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Math Help - DeMoivre's Theorem

  1. #1
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    DeMoivre's Theorem

    I need to find the real and imaginary values of z^5, when z = 2-2i

    I got r = 2 sqrt(2) and theta = -pi/4

    However now I am stuck. I tried to put it into the form r^k e^(i k theta)

    and got (2 rt(2)) ^5 * e^(-5pi/4) but then I don't know what to do to find the real and imaginary parts.

    What should I do?

    Thank you
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  2. #2
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    \text{Re} \left( {\left[ {x + yi} \right]^5 } \right) = \sum\limits_{k = 0}^2 {\left( { - 1} \right)^k \dbinom{ 5}{2k} x^{5 - 2k} y^{2k} }
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  3. #3
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    Hello, ironz!

    \text{Find the real and imaginary components of }\,(2 - 2i)^5

    Write 2 - 2i in polar form.
    . . We have: . x = 2,\;y =2,\;r = 2\sqrt{2},\;\theta = \text{-}\dfrac{\pi}{4}


    Hence: . 2 - 2i \:=\:2\sqrt{2}\left(\cos\frac{\pi}{4} - \sin\frac{\pi}{4}\right)


    Then: . (2-2i)^5 \;=\;\left(2\sqrt{2}\right)^5\,\left(\cos\frac {5\pi}{4} - \sin\frac{5\pi}{4}\right)

    . . . . . . . . . . . . =\;2^5(\sqrt{2})^5\left(-\frac{1}{\sqrt{2}} + \frac{1}{\sqrt{2}}i\right)

    . . . . . . . . . . . . =\;32(4\sqrt{2})\left(\dfrac{-1+i}{\sqrt{2}}\right)

    . . . . . . . . . . . . =\;128(-1 + i)

    . . . . . . . . . . . . =\;\underbrace{-128}_{\mathbb{R}}   + \underbrace{128}_{\mathbb{I}}i

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  4. #4
    MHF Contributor FernandoRevilla's Avatar
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    Quote Originally Posted by ironz View Post
    I need to find the real and imaginary values of z^5, when z = 2-2i
    An alternative: taking into account that (1-i)^2=1-1-2i=-2i:

    (2-2i)^5=2^5(-2i)^2(1-i)=-2^7(1-i)=-128+128i

    In general this is the shortest way for computing (x+yi)^n when y=x or y=-x .

    Fernando Revilla
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  5. #5
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    Quote Originally Posted by ironz View Post
    I need to find the real and imaginary values of z^5, when z = 2-2i

    I got r = 2 sqrt(2) and theta = -pi/4

    However now I am stuck. I tried to put it into the form r^k e^(i k theta)

    and got (2 rt(2)) ^5 * e^(-5pi/4) but then I don't know what to do to find the real and imaginary parts.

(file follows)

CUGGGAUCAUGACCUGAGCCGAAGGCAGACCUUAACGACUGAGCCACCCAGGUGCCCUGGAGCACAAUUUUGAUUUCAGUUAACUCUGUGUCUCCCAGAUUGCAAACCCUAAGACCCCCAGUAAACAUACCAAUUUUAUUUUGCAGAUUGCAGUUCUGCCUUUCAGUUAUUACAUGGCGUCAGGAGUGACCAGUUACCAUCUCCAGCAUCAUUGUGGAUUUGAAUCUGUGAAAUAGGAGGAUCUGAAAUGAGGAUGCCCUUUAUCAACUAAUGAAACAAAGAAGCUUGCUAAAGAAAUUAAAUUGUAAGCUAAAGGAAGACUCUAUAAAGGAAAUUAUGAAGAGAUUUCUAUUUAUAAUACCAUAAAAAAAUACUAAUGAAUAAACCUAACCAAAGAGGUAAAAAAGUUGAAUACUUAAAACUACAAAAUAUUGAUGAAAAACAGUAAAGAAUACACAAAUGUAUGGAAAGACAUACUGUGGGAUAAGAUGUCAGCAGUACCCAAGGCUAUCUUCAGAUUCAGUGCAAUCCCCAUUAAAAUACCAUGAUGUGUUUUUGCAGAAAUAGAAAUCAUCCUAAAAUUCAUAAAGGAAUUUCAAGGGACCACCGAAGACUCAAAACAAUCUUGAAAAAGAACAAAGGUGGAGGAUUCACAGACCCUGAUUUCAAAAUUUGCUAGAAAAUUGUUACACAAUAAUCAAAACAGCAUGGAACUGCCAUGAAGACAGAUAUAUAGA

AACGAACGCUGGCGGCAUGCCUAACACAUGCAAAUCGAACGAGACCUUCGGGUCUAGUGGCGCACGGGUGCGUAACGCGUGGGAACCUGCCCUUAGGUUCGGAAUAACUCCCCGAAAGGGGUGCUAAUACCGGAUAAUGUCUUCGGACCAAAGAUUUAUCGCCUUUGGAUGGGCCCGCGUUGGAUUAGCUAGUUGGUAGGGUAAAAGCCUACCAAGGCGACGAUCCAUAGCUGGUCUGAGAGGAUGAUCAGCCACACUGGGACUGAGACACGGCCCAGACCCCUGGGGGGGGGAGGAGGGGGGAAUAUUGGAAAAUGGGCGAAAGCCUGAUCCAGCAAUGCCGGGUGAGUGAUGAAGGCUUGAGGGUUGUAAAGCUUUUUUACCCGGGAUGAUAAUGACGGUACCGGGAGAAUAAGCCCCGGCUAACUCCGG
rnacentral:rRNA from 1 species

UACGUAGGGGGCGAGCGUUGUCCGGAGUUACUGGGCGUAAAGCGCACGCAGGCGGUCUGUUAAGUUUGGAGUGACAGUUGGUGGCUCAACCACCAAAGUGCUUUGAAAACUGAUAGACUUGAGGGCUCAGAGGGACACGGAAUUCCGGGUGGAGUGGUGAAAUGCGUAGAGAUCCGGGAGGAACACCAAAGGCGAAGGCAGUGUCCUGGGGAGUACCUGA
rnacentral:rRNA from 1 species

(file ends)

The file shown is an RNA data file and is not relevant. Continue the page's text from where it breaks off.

that should read e^(-i5pi/4)

    What should I do?

    Thank you
    You reached

    \displaystyle\ z^5=\left[2\sqrt{2}\right]^5e^{-i\frac{5{\pi}}{4}}

    To regenerate the real and imaginary parts from this...

    \displaystyle\ e^{-i\frac{5{\pi}}{4}}=cos\left(-\frac{5{\pi}}{4}\right)+isin\left(-\frac{5{\pi}}{4}\right)

    \displaystyle\ -\frac{5{\pi}}{4}=2{\pi}-\frac{5{\pi}}{4}=\frac{3{\pi}}{4}

    \displaystyle\ cos\left(\frac{3{\pi}}{4}\right)=-cos\left(\frac{\pi}{4}\right)=-\frac{1}{\sqrt{2}}

    \displaystyle\ sin\left(\frac{3{\pi}}{4}\right)=sin\left(\frac{\p  i}{4}\right)=\frac{1}{\sqrt{2}}

    Then

    \displaystyle\ z^5=\frac{-2^5\left(\sqrt{2}^5\right)}{\sqrt{2}}+\frac{i2^5\l  eft(\sqrt{2}^5\right)}{\sqrt{2}}
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  6. #6
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    Don't let those square roots of 2 in Archie Meade's response fool you. When you actually do the calculation, they will cancel out and give the same answer FernandoRevilla gives.
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  7. #7
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    I understand. I think I read the question wrong and tried to solve for all the roots instead of just the z^5, also, I didn't know how to simplify it properly. Thank you for your help
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  8. #8
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    Quote Originally Posted by ironz View Post
    I understand. I think I read the question wrong and tried to solve for all the roots instead of just the z^5, also, I didn't know how to simplify it properly. Thank you for your help
    Having found z^5

    z=2-2i is one of the 5 "fifth roots" of z^5

    but that's a different question.
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